Outgoing Kennesaw State University president Dan Papp violated state University System compensation policies involving deferred compensation, annual leave payouts and car allowances during his time leading the institution, according to a report released Friday.
The executive compensation review, conducted by auditors in the University System of Georgia, comes three weeks after Papp’s abrupt announcement that he was retiring from KSU at the end of this month.
The report details more than $577,000 in deferred compensation that Papp received from Kennesaw State’s foundation during his time at the school. The payments violated system policies that require deferred compensation to be paid out when a president leaves the system, such as through retirement or resignation for another job, or in cases of death or disability, and at the discretion of the Board of Regents or system chancellor.
The report found that Papp also received almost $14,000 more in annual leave than he was entitled to when he transferred between various positions within the university system. Papp has since paid back that money.
The report also found that Papp received $10,000 more than the university system allowed in car-allowance payments from KSU’s foundation.
The report found no legal wrongdoing on Papp’s part. The deferred compensation money paid to him was his to receive, but the policies on receiving the money were not followed.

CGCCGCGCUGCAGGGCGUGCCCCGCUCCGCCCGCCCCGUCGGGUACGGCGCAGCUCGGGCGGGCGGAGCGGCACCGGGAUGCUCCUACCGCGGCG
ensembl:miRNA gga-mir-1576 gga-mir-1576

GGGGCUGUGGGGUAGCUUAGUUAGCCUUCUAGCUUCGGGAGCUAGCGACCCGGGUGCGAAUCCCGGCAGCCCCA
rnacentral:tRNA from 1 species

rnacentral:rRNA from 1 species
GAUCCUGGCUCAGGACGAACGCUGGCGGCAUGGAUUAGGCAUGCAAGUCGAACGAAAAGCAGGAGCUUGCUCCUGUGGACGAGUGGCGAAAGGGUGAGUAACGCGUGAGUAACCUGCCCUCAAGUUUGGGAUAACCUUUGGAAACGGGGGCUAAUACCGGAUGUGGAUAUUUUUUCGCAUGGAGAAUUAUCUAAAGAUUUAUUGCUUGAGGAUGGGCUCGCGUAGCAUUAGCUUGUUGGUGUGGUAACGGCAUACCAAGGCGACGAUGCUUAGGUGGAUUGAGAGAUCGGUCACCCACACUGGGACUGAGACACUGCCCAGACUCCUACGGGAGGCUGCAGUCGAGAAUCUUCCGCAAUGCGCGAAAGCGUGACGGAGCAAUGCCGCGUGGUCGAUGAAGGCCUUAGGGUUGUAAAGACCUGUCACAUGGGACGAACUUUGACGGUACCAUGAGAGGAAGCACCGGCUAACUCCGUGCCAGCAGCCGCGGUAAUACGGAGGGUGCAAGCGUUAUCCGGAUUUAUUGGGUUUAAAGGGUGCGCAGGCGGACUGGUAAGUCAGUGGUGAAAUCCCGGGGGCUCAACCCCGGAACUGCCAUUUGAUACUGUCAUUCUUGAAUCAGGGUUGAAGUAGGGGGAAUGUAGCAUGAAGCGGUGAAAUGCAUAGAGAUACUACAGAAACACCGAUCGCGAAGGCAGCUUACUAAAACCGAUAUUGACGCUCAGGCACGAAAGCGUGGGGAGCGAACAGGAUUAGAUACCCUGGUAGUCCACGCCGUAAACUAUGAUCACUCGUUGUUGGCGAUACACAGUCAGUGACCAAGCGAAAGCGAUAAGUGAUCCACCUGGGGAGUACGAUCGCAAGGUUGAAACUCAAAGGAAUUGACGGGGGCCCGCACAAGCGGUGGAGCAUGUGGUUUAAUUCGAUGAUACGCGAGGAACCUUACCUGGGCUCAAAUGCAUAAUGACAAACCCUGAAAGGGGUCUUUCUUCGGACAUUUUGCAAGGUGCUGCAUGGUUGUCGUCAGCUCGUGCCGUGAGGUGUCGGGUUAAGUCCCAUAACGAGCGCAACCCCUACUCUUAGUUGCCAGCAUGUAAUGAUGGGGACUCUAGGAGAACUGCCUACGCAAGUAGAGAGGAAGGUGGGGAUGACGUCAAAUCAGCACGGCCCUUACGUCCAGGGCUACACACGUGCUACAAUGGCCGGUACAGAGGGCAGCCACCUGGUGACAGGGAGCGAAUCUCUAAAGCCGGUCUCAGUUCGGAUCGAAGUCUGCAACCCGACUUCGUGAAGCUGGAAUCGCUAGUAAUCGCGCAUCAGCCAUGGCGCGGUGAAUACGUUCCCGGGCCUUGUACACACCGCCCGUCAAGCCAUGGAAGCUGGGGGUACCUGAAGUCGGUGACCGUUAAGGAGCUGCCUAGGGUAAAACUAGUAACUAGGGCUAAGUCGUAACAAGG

“The early (deferred compensation) payments resulted from a series of misunderstandings and miscommunication between University System officials, the KSU Foundation and Dr. Papp about the policy,” said a statement issued to The Atlanta Journal-Constitution from Papp’s office on Friday. “Dr. Papp and the KSU Foundation were unaware of the policy’s application to his situation.”
The issues involving the annual leave pay and car allowances were also the results of a “lack of coordination and understanding” between organizations, the statement read.
Papp had been president of Kennesaw State for 10 years and has served in other faculty and administrative roles in the University System of Georgia for more than four decades.
At the time of his retirement announcement, Papp said he was not asked to step down, and was not pursuing a position at another college. He is set to begin a stint as chairman of the Cobb County Chamber of Commerce in 2017.
“Ten years seemed to make sense,” Papp said at the time. “A decade sounds right; 11 doesn’t sound right, and 12 is two years away … It was our time after a decade.”
Houston Davis, chief academic officer and executive vice chancellor for the University System, was named KSU’s interim president last week.
Go to myAJC.com to learn more about the financial audit and responses from Papp and the University System.
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